Forward voltage at rated current is 450 volts. Even at 30 KV that's some serious loss. The specified risetime of 10 ns into a resistive load isn't bad, but the falltime isn't specified and the interesting loads are all inductive -- falltime into those is tricky because of snubbing losses and Miller capacitance.
Others rather less precisely specified but generally similar.
Rather more to the point, though, is that they don't get you usable voltage conversion. You still need a transformer, so the semiconductor losses are in addition to the transformer losses. And all of that lovely high-frequency switching causes problems when you're dealing with transformer cores weighing tons. Which you need to keep the Q of the transformer up (inductive loss is pretty much a pure function of how much copper you're willing to pay for.)
The loss of efficiency is acceptable for applications like PC power supplies or lighting ballasts because the added functionality such as flexible regulation makes up for it. But when you're looking to handle the output of gigawatt power plants, you really don't want to be dissipating several percent of your output (pure loss) into a solid-state system that has to be kept below 70 degrees under peak load, which around here means an ambient temperature of close to 50 degrees. That is, for one, a big direct cost for the inefficiency. Also a honking enormous cooling system prone to catastrophic failure due to thermal runaway. And, finally, a maintenance nightmare. What is the service MTBF of one of those switches? Now, figure it for an array capable of handling a gigawatt. Don't forget that you can't just take the system down for safe maintenance.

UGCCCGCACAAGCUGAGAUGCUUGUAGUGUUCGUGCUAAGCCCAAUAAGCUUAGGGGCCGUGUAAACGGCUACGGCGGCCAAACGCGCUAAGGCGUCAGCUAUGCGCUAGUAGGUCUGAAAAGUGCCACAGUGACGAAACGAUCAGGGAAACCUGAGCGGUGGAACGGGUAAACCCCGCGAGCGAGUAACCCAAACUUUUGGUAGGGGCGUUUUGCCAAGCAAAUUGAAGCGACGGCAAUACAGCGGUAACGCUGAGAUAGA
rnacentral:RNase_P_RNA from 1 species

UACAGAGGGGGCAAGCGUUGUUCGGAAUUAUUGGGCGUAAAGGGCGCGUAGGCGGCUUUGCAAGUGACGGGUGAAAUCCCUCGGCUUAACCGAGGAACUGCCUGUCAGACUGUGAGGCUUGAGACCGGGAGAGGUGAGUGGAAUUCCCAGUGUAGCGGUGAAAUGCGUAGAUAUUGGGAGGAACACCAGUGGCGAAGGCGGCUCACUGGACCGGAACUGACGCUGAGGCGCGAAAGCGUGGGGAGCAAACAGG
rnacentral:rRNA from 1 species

Much as I love transistors, this isn't happening in my lifetime.